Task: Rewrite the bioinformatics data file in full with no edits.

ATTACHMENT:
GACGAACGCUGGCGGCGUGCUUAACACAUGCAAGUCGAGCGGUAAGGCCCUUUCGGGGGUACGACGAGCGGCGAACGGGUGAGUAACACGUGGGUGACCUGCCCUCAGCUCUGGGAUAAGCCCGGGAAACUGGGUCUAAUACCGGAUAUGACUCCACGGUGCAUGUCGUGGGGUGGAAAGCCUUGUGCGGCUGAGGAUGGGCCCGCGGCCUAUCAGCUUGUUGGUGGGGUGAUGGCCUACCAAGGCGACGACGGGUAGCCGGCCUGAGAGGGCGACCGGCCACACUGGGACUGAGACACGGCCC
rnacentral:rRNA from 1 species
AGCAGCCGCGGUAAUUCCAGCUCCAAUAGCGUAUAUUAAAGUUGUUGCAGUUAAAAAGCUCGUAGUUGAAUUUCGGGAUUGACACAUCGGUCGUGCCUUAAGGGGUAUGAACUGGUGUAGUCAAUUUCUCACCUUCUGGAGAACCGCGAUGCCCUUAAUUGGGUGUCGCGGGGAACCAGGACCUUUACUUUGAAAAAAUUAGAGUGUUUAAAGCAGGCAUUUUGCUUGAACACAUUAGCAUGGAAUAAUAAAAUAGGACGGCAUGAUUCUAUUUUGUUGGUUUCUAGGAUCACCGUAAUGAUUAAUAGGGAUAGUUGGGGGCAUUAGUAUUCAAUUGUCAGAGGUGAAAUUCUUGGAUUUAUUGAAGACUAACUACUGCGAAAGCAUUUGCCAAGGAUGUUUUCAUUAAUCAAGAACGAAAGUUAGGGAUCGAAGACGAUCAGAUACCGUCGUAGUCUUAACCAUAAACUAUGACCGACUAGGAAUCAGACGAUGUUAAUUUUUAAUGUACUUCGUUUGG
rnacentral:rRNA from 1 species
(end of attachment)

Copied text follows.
GACGAACGCUGGCGGCGUGCUUAACACAUGCAAGUCGAGCGGUAAGGCCCUUUCGGGGGUACGACGAGCGGCGAACGGGUGAGUAACACGUGGGUGACCUGCCCUCAGCUCUGGGAUAAGCCCGGGAAACUGGGUCUAAUACCGGAUAUGACUCCACGGUGCAUGUCGUGGGGUGGAAAGCCUUGUGCGGCUGAGGAUGGGCCCGCGGCCUAUCAGCUUGUUGGUGGGGUGAUGGCCUACCAAGGCGACGACGGGUAGCCGGCCUGAGAGGGCGACCGGCCACACUGGGACUGAGACACGGCCC
rnacentral:rRNA from 1 species
AGCAGCCGCGGUAAUUCCAGCUCCAAUAGCGUAUAUUAAAGUUGUUGCAGUUAAAAAGCUCGUAGUUGAAUUUCGGGAUUGACACAUCGGUCGUGCCUUAAGGGGUAUGAACUGGUGUAGUCAAUUUCUCACCUUCUGGAGAACCGCGAUGCCCUUAAUUGGGUGUCGCGGGGAACCAGGACCUUUACUUUGAAAAAAUUAGAGUGUUUAAAGCAGGCAUUUUGCUUGAACACAUUAGCAUGGAAUAAUAAAAUAGGACGGCAUGAUUCUAUUUUGUUGGUUUCUAGGAUCACCGUAAUGAUUAAUAGGGAUAGUUGGGGGCAUUAGUAUUCAAUUGUCAGAGGUGAAAUUCUUGGAUUUAUUGAAGACUAACUACUGCGAAAGCAUUUGCCAAGGAUGUUUUCAUUAAUCAAGAACGAAAGUUAGGGAUCGAAGACGAUCAGAUACCGUCGUAGUCUUAACCAUAAACUAUGACCGACUAGGAAUCAGACGAUGUUAAUUUUUAAUGUACUUCGUUUGG
rnacentral:rRNA from 1 species